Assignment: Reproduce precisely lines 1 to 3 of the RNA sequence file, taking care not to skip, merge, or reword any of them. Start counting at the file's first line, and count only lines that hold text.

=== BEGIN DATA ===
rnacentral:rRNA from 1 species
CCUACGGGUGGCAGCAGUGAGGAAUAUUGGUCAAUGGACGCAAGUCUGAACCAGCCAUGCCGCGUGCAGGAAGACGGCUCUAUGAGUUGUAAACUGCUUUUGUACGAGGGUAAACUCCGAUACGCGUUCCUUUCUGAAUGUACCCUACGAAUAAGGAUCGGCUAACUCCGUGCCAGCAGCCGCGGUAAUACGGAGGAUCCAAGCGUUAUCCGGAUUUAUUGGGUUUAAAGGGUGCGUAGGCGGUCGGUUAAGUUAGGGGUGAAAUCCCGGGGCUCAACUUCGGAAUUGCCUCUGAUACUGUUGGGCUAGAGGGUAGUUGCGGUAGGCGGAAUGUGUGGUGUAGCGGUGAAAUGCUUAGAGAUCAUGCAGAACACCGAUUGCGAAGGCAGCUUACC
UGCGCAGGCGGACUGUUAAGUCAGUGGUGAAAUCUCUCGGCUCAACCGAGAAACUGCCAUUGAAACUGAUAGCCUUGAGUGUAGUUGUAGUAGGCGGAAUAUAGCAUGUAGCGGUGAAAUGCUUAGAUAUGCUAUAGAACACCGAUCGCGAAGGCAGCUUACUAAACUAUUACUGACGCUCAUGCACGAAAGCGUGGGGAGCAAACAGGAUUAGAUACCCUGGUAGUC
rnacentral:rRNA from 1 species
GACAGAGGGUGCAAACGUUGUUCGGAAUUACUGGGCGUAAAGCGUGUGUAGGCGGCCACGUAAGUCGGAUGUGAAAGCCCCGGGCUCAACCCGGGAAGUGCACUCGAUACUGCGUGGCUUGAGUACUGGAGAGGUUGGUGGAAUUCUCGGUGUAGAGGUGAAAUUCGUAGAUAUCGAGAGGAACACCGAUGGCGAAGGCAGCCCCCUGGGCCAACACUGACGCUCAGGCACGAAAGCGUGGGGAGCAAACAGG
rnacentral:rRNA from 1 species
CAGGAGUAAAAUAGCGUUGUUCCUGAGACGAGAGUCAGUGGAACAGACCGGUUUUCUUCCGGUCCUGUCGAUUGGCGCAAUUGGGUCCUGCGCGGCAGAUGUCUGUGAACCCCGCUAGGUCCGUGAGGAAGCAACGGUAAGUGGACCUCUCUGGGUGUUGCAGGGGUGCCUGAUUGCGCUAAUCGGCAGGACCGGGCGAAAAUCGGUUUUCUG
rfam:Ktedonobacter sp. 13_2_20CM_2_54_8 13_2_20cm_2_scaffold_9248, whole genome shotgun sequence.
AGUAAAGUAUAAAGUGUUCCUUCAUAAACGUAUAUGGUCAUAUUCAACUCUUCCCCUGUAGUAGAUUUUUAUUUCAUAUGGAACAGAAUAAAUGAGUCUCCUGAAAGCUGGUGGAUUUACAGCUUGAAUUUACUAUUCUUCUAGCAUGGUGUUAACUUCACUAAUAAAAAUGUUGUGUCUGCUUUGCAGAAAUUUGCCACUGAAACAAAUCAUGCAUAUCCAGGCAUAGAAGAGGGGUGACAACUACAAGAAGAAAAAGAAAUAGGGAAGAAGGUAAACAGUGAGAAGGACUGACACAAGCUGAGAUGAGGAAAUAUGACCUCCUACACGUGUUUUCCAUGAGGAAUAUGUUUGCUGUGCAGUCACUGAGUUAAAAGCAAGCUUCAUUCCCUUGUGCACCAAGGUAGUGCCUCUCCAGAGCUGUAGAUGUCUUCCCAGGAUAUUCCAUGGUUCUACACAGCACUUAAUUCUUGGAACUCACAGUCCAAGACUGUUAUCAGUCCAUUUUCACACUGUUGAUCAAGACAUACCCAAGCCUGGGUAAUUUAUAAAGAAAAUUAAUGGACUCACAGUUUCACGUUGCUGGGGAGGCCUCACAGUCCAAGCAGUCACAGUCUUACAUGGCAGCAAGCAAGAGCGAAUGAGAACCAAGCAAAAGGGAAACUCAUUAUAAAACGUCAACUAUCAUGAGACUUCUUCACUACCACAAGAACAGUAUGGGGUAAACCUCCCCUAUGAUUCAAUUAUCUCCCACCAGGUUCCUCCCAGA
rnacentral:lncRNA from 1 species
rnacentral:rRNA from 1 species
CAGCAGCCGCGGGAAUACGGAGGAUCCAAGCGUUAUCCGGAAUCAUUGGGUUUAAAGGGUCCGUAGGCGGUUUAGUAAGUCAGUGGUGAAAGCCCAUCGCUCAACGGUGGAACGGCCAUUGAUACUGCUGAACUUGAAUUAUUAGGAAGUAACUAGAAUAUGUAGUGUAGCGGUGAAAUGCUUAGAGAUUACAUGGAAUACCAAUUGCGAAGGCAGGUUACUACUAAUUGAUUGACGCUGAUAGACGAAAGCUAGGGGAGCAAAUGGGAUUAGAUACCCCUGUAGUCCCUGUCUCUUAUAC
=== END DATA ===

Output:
rnacentral:rRNA from 1 species
CCUACGGGUGGCAGCAGUGAGGAAUAUUGGUCAAUGGACGCAAGUCUGAACCAGCCAUGCCGCGUGCAGGAAGACGGCUCUAUGAGUUGUAAACUGCUUUUGUACGAGGGUAAACUCCGAUACGCGUUCCUUUCUGAAUGUACCCUACGAAUAAGGAUCGGCUAACUCCGUGCCAGCAGCCGCGGUAAUACGGAGGAUCCAAGCGUUAUCCGGAUUUAUUGGGUUUAAAGGGUGCGUAGGCGGUCGGUUAAGUUAGGGGUGAAAUCCCGGGGCUCAACUUCGGAAUUGCCUCUGAUACUGUUGGGCUAGAGGGUAGUUGCGGUAGGCGGAAUGUGUGGUGUAGCGGUGAAAUGCUUAGAGAUCAUGCAGAACACCGAUUGCGAAGGCAGCUUACC
UGCGCAGGCGGACUGUUAAGUCAGUGGUGAAAUCUCUCGGCUCAACCGAGAAACUGCCAUUGAAACUGAUAGCCUUGAGUGUAGUUGUAGUAGGCGGAAUAUAGCAUGUAGCGGUGAAAUGCUUAGAUAUGCUAUAGAACACCGAUCGCGAAGGCAGCUUACUAAACUAUUACUGACGCUCAUGCACGAAAGCGUGGGGAGCAAACAGGAUUAGAUACCCUGGUAGUC